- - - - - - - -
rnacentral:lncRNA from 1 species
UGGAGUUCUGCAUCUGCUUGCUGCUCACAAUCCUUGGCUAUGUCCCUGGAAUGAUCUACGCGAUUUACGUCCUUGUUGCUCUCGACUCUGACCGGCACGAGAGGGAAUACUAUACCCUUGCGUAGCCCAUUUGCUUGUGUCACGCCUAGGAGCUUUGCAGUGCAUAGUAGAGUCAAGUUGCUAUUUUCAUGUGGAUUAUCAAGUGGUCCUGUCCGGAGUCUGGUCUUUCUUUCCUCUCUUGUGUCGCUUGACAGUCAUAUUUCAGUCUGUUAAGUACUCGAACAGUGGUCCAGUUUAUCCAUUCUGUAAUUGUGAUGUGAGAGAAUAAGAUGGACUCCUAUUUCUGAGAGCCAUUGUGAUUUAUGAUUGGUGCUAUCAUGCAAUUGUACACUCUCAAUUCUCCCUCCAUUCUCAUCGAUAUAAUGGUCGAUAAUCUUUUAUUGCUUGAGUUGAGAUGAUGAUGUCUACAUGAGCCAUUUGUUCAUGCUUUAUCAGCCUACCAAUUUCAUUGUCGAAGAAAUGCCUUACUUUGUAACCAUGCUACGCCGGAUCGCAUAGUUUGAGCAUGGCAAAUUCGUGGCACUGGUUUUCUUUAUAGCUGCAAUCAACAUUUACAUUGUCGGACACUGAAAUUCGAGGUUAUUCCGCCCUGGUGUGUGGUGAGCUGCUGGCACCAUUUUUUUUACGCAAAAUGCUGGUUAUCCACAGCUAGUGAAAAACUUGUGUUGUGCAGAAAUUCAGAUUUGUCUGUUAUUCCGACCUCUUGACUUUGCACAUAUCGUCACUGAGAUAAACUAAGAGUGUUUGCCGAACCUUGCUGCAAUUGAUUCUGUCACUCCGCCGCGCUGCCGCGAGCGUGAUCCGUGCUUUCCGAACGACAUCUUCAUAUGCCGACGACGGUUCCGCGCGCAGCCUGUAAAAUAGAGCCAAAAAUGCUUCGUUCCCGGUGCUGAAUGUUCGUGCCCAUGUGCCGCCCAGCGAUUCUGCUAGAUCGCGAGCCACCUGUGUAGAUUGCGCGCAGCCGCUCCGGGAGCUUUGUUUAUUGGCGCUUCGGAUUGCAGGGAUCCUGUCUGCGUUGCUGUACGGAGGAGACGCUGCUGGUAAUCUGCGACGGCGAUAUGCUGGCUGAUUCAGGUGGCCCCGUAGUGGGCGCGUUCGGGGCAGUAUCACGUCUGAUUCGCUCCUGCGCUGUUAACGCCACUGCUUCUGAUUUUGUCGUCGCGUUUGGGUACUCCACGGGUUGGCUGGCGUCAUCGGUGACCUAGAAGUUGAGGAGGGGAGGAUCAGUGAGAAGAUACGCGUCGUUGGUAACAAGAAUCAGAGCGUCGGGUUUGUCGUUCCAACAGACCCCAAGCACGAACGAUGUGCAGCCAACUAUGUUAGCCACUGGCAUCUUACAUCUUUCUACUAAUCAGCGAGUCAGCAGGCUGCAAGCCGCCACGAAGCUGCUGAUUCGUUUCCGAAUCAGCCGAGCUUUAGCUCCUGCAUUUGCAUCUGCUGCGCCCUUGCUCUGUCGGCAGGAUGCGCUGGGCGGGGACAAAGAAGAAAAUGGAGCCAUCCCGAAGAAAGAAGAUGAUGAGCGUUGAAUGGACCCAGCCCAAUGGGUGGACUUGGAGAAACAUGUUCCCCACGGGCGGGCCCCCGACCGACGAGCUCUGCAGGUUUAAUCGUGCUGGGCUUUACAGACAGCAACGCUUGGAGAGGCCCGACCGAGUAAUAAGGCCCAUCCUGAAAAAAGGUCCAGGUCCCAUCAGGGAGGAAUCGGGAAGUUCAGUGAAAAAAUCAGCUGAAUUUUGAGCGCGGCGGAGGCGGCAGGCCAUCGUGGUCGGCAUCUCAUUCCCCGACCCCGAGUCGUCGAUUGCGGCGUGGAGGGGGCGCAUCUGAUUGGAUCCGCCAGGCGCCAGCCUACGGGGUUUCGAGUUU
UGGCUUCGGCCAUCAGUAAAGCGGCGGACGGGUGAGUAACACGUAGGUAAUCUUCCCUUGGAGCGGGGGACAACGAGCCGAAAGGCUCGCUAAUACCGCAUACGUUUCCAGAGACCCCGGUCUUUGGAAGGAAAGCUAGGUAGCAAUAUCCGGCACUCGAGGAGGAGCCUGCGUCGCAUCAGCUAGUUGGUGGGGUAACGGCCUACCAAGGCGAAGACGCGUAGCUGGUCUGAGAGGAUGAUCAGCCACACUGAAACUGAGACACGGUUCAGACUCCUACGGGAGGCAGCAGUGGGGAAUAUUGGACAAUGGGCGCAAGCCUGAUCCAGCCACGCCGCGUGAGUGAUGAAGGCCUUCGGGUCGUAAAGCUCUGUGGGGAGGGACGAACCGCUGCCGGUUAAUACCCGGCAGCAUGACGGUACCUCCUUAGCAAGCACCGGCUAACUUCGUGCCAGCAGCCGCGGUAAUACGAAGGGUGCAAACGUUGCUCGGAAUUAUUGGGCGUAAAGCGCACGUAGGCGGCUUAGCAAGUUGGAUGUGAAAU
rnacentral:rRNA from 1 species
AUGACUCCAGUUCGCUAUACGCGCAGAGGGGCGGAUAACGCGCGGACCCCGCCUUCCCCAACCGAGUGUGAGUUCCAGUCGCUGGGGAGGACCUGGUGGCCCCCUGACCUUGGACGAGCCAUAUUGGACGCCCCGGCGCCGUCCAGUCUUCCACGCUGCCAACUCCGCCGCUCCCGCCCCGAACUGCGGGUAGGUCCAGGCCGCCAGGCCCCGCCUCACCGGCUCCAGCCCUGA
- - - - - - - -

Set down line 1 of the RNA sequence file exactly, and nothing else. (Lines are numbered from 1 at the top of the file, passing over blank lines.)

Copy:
rnacentral:lncRNA from 1 species